Elling will be sharing her insights and solutions about these issues during the upcoming 2017 WIN Expo Trade Show and Conference taking place at the Sonoma County Fairgrounds in Santa Rosa, CA on November 30, in a session called “Beyond Social Media 101: The Next Frontier.”

Marci Ikeler, the CEO of Little Arrows, a company that focuses on “creative social media that drives real business results” will moderate the session. Other speakers on the panel include Chip Forsythe, Winemaker for Rebel Coast Winery and Christopher O’Gorman, Director of Communications for Rodney Strong Wine Estates.

For more information and registration, go to http://wineindustryexpo.com.

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  1. I too come across a lot of “retro thinking” especially when speaking to Executive Directors and DTC marketing managers throughout the country. After explaining a bit about our platform (www.wineroutes.com) via email I got the following reply – “I understand apps, we built one years ago and consumers seemed to prefer the published paper Touring Guide because an app was too difficult to see on a cell phone screen”. Wow just wow, the email ended with, “I did try to use the attached links and did manage to open the first link to visit the winery profile but, couldn’t figure out the searches”. It’s funny how some people get it, while others, often in management or director roles feel that updating a winery listing on a social platform is an onerous task. I’m hedging my bets that consumers will continue the trend of wanting on demand information. Brands that embrace the digital shift and use the tools that tech professionals have created will be pleasantly surprised. I look forward to hearing Monika speak.

  2. “The industry is focused on winemaking expertise, production and equipment,” Elling points out. “But, we’re not spending resources on hiring talent for digital media communications – and then we wonder why it’s not working properly?”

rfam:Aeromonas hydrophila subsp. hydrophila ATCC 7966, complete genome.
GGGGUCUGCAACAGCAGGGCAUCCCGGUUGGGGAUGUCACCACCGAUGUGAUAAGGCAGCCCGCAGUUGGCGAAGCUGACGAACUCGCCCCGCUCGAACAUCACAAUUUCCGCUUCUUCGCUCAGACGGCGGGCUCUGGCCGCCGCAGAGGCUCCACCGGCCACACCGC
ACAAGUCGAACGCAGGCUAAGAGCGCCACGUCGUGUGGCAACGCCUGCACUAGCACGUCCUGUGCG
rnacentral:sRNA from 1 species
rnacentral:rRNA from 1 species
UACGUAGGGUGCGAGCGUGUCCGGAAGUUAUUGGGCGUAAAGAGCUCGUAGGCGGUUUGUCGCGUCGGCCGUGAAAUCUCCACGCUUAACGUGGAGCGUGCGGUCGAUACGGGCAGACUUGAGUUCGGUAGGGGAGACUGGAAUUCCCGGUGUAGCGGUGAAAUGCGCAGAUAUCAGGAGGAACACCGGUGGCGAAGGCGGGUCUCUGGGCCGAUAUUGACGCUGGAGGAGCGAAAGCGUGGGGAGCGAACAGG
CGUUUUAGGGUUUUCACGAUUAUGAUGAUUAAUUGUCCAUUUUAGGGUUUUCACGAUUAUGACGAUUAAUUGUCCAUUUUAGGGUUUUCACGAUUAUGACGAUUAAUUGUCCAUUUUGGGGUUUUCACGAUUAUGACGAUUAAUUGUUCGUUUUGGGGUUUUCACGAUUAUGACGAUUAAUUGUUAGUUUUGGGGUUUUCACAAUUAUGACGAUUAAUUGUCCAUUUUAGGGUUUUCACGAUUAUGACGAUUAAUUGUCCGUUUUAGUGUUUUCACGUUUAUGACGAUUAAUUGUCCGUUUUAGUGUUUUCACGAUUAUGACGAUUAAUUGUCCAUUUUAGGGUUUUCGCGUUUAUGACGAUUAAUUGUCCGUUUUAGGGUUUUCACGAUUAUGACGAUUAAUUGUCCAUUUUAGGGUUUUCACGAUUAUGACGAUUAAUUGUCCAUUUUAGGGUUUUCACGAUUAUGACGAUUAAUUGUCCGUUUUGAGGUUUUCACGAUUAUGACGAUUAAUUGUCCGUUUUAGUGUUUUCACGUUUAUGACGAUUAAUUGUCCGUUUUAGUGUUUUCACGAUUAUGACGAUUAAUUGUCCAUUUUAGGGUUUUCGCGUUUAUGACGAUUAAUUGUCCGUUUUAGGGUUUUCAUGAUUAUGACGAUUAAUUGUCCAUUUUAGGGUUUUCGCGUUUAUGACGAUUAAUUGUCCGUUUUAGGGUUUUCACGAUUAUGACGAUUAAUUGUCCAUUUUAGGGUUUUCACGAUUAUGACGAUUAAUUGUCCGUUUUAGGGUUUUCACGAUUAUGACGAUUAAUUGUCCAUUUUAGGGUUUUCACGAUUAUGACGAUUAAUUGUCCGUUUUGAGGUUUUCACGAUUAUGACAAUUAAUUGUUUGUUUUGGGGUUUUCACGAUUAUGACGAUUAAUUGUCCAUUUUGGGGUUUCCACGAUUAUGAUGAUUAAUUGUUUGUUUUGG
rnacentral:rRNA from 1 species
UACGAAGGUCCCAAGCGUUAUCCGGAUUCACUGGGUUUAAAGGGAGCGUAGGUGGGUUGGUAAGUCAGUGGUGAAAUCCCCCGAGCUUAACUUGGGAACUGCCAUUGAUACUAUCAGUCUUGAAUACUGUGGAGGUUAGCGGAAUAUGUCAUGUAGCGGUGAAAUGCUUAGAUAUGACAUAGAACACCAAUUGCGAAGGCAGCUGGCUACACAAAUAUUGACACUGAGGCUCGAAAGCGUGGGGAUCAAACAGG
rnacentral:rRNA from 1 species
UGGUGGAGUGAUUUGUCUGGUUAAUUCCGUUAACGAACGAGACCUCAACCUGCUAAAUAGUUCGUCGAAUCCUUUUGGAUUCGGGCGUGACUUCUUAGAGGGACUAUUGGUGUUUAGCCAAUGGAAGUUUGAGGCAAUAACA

This EXACTLY! I have been coming across this in my own wine region..they either don’t spend the money or they want to DIY with owners or staff who have no experience other than they know how to post on social media and perhaps slap together a quick email now and again.

    I have asked several wineries if they would hire me as winemaker if my only experience was drinking wine. I am sure if they just spend a weekend with me showing me all the steps of winemaking, I would then be an “expert” right? Yeah..so far no takers on my offer to be a winemaker!

    Getting the wineries to understand the lost opportunity cost is the trick!

  3. the sad reality here is that for some wineries (especially higher priced and/or more established brands) they dont see social media (immediately) impacting sales. Their client base today is typically older and doesn’t invest a lot of time on social media. We would argue that this will change – both in that the older clientele are well simply getting older and that if you dont have a social media presence to help introduce your brand to younger/newer consumers (even if they dotn buy today or in the next few years) you’ve missed and opportunity. The cost to try and convert these users later will be much higher.

    we have no direct numerical research to support the above but its a common thread when we visit with wineries